“You’re just going over there to help them, they need your help, and that’s probably the aim of your trip. You’re going there to help them build houses and that’s it right?”
I shuddered. Was this how the trip was going to be seen?
It was two nights before I was leaving for our school’s overseas trip, and it was one of the many kitchen talks my mother and I were having. We were leaving for Cambodia for our school’s Capstone Project, and it so happened that I was sharing with my mother in detail the projects we were planning to execute.
I never imagined that our Capstone Project, an almost fully student-planned, and close to auto-pilot project that we took so much pride in, would be seen simply as such an ‘emotionless’ project. My mother saw the project as an execution and achievement of tasks, but I did not. I saw it as a chance to go and embed myself into the local community, to understand their culture, and to open my eyes to the global situation. I saw it, as the heart of service.
And this is how I hope others will see overseas projects too.
Singaporean schools are in the habit of bringing students overseas to conduct community involvement project, where students will uptake tasks to benefit the community. Such tasks usually include building and repairing of facilities. While some may argue that the exposure to these tasks train character, as students need to pick up new skills in a foreign environment, I personally do not think that the nature of the task trains character. Rather, the attitude the student faces the task with makes all the difference.
Some students will face the task with the aim of finishing it. In this case, the overseas trip becomes a very mechanical one, with the main focus being on the task. Some students will face the task with the notion that they are superior, and thus are ‘helping’ the community. Yet others will simply do the task with a heart of service, and try to understand the locals that they are serving.
It is my wish to see that the essence of overseas community involvement trips will be the one that was exemplified by the third type of student. Students going on overseas community involvement projects will hopefully see the value of the programme because of their heart of service, and not because it helps to build their portfolios.
The heart of service is the most important part of any community involvement or service learning project. The heart of service is the key element that will ensure that the person involved in the project will walk away from it more aware of their privilege and how to use it meaningfully, and how to ensure that no long term harm will be done to community that is being served.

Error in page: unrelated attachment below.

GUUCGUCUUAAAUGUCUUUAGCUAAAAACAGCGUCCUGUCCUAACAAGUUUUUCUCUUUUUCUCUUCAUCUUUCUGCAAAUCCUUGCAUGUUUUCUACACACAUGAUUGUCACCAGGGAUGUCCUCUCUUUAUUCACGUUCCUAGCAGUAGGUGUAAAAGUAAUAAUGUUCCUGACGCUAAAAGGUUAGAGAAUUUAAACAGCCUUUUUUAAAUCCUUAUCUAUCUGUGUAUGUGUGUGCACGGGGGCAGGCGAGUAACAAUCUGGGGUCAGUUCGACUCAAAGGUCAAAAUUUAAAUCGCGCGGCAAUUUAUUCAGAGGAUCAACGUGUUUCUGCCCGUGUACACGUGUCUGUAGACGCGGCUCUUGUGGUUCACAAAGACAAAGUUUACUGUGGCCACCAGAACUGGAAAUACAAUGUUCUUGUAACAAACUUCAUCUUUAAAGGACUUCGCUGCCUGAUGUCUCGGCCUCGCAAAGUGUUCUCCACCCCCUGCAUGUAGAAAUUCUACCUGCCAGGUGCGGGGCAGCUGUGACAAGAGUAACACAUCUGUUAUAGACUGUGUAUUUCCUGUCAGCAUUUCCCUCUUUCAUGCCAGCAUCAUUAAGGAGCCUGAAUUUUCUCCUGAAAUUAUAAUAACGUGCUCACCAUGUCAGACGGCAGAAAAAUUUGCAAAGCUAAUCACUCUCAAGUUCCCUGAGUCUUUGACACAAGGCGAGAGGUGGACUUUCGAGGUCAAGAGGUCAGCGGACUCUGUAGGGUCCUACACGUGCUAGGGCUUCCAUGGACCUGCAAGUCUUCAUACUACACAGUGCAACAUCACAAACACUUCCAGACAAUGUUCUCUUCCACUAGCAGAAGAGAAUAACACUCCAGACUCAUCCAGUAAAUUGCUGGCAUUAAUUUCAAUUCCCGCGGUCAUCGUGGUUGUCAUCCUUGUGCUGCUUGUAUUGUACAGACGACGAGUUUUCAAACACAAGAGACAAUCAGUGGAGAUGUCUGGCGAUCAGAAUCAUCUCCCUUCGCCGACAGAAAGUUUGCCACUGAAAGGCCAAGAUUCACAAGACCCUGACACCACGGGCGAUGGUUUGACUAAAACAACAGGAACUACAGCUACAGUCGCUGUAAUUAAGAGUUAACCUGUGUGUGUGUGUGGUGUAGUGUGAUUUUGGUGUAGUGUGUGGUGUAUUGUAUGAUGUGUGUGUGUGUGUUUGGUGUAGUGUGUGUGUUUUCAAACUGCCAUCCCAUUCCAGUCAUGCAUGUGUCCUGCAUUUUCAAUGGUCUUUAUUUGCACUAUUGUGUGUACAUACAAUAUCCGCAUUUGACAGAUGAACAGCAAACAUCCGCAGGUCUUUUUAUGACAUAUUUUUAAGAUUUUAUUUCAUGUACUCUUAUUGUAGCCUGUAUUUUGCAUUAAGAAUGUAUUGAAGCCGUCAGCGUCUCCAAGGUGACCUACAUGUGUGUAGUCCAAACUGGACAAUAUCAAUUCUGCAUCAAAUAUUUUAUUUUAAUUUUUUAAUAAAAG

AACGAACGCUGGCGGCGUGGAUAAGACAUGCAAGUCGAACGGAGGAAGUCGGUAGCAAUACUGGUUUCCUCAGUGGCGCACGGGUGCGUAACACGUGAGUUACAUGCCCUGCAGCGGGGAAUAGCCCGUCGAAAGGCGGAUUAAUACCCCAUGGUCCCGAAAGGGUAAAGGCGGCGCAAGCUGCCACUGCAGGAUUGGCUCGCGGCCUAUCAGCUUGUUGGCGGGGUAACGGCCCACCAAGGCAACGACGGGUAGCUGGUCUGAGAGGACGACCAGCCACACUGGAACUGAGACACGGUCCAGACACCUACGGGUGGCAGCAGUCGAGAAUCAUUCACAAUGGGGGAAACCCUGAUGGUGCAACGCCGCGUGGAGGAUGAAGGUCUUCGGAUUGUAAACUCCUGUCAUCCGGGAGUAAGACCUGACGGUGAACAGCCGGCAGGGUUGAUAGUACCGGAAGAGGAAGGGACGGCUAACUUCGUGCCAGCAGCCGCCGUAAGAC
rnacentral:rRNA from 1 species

The heart of service humbles. It makes one very careful of the actions that they are taking, and it ensures that one stops periodically to evaluate and re-evaluate if they are doing any harm upon the community. This is because one will put the interest and benefits of the community they are serving first, and one will really take the effort to understand the needs of the community.
In fact, the heart of service is one that will spur students to not only serve the overseas communities, but serve their local communities. Often times, the transformation students experience overseas does not carry over across the borders, giving onlookers the perception that they are not sincere about service. Once back at home, students often neglect the idea of service. However, if one has a heart of service, one will be spurred to continue service at home.
The heart of service is often the absent element in our service culture today. More often than not, service is seen necessary for portfolio building or graduation requirements. However, that is not service. Service in itself is something that starts from the heart. It is the recognition and knowledge of the privilege some of us have. It is the refusal to do nothing about the difference in the privileges one receives due to uncontrollable circumstance. Most importantly, it is the the willingness of the human race to share their privilege with others. This, is the heart of service.
Hopefully, service in future will not be measured by the number of hour clocked or the number of houses built. Service in future, will not be quantified. Service in future, I hope, will be all about attitude.